8- Be creative. Art, crafts, music, acting… How can you utilize the power of your creative side? Gather up a basket of craft supplies and designate an hour for your kids to create. You can guide them with a video or Pinterest post ahead of time, or you can just let them have at it. If they are normally in theater or dance, help them make a video showcasing their talents. Have them create a new dance or memorize a chunk of lines from their favorite movie and turn it into a video for the grandparents.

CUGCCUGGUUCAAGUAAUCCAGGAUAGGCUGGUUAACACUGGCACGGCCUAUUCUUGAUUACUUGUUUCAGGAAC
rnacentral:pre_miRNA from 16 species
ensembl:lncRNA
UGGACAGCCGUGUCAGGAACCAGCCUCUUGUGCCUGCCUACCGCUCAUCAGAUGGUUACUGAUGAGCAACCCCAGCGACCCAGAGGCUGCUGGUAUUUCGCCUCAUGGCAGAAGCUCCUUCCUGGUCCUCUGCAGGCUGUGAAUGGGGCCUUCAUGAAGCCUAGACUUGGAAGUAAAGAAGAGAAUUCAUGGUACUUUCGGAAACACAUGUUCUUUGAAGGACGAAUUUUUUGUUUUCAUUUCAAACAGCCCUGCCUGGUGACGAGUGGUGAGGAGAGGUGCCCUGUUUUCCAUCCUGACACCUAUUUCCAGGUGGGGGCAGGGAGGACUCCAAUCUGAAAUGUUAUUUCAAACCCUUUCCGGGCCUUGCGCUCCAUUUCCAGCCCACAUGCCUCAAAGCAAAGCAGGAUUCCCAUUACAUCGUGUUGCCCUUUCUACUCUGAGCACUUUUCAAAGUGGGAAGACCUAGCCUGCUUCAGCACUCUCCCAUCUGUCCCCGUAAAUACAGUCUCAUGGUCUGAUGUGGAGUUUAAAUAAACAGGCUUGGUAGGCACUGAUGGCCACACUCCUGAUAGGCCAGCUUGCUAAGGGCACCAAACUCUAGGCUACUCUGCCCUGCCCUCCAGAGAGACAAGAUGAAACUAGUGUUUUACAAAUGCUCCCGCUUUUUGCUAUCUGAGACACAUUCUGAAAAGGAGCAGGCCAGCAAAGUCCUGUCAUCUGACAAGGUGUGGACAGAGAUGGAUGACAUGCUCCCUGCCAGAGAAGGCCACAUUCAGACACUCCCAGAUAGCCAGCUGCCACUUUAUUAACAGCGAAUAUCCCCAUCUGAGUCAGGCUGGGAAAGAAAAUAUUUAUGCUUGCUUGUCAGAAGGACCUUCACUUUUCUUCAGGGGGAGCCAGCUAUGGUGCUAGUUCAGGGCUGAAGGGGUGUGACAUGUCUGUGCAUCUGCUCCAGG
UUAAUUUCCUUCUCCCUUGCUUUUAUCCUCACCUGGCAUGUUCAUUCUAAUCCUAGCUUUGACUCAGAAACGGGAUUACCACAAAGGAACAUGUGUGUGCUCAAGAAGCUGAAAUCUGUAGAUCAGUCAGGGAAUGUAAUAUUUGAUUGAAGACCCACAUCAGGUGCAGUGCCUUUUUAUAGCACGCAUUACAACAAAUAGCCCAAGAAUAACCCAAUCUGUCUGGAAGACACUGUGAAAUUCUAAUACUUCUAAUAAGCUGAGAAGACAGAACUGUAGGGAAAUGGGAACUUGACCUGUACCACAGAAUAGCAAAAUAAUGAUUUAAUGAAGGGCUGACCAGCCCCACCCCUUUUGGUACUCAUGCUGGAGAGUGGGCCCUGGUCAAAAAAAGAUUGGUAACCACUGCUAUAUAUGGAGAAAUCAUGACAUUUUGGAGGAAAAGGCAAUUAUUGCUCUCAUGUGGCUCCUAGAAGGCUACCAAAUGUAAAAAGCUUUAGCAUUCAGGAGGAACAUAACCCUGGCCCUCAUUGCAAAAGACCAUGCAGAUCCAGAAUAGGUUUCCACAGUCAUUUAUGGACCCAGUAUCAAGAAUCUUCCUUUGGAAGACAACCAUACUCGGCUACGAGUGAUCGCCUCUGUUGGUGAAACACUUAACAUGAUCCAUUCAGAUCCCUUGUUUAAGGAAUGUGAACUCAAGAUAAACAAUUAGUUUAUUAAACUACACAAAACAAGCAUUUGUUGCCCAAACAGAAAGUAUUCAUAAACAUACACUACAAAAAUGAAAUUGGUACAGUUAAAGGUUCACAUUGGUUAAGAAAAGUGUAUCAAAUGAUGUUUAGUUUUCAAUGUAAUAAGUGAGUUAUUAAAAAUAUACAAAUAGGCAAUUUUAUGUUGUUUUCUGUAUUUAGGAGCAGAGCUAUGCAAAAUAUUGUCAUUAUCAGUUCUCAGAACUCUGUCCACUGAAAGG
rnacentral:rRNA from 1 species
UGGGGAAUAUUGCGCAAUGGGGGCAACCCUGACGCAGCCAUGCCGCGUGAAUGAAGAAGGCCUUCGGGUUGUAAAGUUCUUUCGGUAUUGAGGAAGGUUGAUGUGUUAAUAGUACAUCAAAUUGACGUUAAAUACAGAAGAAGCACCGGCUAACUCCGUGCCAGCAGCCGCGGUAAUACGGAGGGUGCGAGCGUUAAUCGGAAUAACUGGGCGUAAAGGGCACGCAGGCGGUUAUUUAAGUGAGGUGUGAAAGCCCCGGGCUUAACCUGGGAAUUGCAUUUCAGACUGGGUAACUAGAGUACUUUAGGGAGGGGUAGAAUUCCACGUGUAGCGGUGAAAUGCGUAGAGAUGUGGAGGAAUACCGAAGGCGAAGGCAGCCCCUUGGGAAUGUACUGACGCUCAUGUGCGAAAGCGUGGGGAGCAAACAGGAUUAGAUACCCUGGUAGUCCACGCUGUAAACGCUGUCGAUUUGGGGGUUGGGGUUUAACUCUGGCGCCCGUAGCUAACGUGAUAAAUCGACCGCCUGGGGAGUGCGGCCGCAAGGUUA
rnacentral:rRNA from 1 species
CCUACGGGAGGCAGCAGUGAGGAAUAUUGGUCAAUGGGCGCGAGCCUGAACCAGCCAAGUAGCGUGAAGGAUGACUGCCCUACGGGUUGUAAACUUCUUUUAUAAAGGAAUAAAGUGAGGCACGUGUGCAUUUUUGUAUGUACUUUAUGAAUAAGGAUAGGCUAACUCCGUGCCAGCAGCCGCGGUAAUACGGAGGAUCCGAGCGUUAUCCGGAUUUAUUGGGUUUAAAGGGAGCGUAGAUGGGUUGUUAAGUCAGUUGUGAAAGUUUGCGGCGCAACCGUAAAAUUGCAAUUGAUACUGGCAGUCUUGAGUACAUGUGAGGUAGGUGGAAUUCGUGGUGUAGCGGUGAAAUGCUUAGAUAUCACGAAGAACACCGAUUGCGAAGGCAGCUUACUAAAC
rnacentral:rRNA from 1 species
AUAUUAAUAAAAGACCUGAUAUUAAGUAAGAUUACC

9- Self-care for all. It is super important at this time to model self-care for our children and spouses, which means you have to take care of yourself first and do it in a way that they can see (or you can tell them – last night I took a bubble bath because it is so relaxing to me). What would it look like to make a little self-care kit for each of your family members (or ask them to get a bag or basket and make one for themselves). Even in your own home, I’ll bet you have all the ingredients. What about collecting a few of these for each person and sharing with them: bubble bath, nail polish or face mask, lotion, coloring book or printed internet coloring pages with markers or colored pencils, an empty journal or notebook, some clay or Thinking Putty, a CD player with CD’s from the past, stationery and stamps, favorite snacks, printed recipes and a promise the ingredients are in the kitchen. Think of how loved your family members will feel if they were to receive such a cool curated gift.